Most of my talking time this first week of classes has been spent with faculty. I keep asking them “How was your first day of class?” Everyone is optimistic, but there are challenges.
A printer that doesn’t work. An interrupted request for silenced cell phones by a rejoinder about not treating people as children. No creamer for coffee.
(okay, that last one was mine)
Other than the coffee, my classes seem to be off to a good start. My students did not seem shocked by any of my expectations. My belief is that an idea piloted by a handful of faculty last term, video syllabi, worked.
Video syllabi, also called course trailers, are brief mini-movies designed to showcase your course. Developed early on by Harvard and others (and the subject of an article in The Chronicle of Higher Education), they are making their way to Victoria College.
Here at VC, we have Steve Holsonback who can help you storyboard, develop, film, and release your very own course trailer. We do have some suggestions on best practices. We recommend that rather than only marketing your course, use this as a chance to set expectations. Describe what the course really does and aspires to be, what major assignments might look like (e.g. essays, homework, closed book exams), required or recommended reading, and address common concerns/challenges.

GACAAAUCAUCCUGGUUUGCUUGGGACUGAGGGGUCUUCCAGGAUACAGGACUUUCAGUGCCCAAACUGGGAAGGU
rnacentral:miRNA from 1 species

What is my real take on course trailers? Used properly, we can help students get a very real feel about what a course will mean for them. I enjoy setting some expectations in advance, and being truthful about just how much time my course may need from my students. And, of course, I hope this makes my future students more ready to learn.
The risk is this becomes more flash than substance, driving up enrollment without promoting commensurate completion. But I don’t see that as a serious risk here at VC. I’ve met our faculty, and I trust us.
I will share one small bit of legitimate marketing I learned in a class some time ago and recently relearned. The call to action is important. It is the signal that the talking is over, and now is the time to do. Tell students why they should take your class, and then tell them to register now for it.